The conversation took a controversial turn when Rogan expressed his views on women's expectations in relationships, which he admitted were "sexist."
During the discussion, Rogan and O'Malley criticized the role of social media platforms, such as Instagram, in devaluing the dating experience. Rogan further elaborated on the challenges women face in finding a stable partner. "To be sexist and to talk in sexist terms, women, they go to a man as a provider. She's going to want a guy who can keep it together," Rogan stated.
He continued, "You're gonna want a guy you're gonna have children. You're gonna want a guy who's going to keep it together, financially stable, be disciplined, do all the things that he's going to do, not fall apart, not become a drug addict, not do something f***ing stupid like lose his job and not give up because of that and then everybody gets on welfare. You have to count on someone unless you want to work yourself. There's like this evolutionary aspect."
Rogan contrasted this with men's expectations in relationships, asserting that men do not care about whether a woman can provide for him. "No one cares. Are you nice? Are you cool? Are you fun to be with? Do I enjoy spending time with you? Then, who cares? But a woman like Taylor Swift is not going to marry a bartender. B*tch, get the f*** out of here. I sell out stadiums, what do you do? You make drinks?" Rogan joked.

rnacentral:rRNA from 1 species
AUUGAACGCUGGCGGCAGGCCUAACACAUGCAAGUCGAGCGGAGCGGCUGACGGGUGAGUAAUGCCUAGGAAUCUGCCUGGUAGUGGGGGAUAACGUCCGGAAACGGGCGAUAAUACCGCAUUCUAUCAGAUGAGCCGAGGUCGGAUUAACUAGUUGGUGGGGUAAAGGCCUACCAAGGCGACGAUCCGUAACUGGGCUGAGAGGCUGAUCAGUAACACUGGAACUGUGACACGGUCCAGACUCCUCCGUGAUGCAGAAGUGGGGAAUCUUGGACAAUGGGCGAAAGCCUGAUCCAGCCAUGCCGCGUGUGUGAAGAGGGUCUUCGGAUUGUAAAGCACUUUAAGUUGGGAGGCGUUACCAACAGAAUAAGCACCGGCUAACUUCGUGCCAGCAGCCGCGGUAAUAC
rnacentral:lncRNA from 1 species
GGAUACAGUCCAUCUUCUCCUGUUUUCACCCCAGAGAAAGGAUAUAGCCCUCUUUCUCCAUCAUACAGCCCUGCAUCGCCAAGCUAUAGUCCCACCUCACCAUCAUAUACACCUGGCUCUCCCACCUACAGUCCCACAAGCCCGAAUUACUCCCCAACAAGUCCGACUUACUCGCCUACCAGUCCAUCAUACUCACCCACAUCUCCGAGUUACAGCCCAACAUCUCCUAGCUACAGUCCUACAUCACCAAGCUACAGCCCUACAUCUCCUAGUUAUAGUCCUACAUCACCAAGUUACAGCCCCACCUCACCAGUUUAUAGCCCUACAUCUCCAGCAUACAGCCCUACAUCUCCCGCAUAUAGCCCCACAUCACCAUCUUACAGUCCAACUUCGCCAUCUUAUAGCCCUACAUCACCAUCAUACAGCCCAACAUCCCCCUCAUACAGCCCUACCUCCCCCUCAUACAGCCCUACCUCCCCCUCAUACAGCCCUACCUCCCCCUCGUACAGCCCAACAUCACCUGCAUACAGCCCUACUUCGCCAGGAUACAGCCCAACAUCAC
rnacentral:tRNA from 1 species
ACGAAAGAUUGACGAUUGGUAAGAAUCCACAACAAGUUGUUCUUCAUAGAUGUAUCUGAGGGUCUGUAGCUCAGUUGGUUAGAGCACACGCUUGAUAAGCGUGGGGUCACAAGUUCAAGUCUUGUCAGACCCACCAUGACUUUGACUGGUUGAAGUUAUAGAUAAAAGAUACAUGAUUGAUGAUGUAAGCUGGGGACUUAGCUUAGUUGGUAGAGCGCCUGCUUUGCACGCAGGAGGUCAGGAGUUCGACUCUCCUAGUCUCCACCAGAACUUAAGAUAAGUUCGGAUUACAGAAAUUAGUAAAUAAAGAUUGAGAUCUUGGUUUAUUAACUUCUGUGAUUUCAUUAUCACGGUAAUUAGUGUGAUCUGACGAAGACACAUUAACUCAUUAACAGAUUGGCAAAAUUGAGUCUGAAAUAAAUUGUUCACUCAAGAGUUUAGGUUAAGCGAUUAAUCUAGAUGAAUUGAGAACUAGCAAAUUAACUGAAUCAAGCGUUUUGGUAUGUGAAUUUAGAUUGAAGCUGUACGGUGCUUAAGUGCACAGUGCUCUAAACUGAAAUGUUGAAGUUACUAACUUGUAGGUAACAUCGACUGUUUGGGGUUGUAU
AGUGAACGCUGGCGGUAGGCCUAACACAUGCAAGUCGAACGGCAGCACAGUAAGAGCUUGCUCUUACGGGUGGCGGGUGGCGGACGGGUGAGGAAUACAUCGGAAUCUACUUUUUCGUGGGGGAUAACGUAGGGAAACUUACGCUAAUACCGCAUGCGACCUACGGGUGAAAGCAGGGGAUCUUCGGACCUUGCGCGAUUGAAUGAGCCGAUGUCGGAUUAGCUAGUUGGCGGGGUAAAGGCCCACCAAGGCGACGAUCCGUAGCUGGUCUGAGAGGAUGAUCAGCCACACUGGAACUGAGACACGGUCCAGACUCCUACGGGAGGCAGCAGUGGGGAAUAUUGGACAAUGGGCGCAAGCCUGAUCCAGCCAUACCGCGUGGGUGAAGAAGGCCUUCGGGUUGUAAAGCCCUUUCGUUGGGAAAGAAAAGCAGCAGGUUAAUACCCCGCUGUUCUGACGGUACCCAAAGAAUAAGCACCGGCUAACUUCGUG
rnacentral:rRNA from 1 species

Earlier in the conversation, Rogan referred to Instagram as an "infidelity accelerating machine," a term he agreed with, based on the provocative posts of some women. "You know they're getting bombed on the DMs constantly, and if something goes wrong in the marriage, they have so many options. Pro-athletes are DM'ing them, who knows?" Rogan commented.
In a separate interview with Fox News Digital, University of Virginia professor and sociologist Brad Wilcox urged men to be "more intentional" about their relationships to be a good prospect for women.
"One of the things that I encounter here at the University of Virginia, is that a lot of young women feel like they don't have good prospects for dating, that there aren't guys out there who are worthy of marriage, or worthy of investing in a serious relationship. And so I think encouraging men to take high school, take college, take their early jobs more seriously, and to become more intentional about their relationships as well, would be part of the answer here," Wilcox said.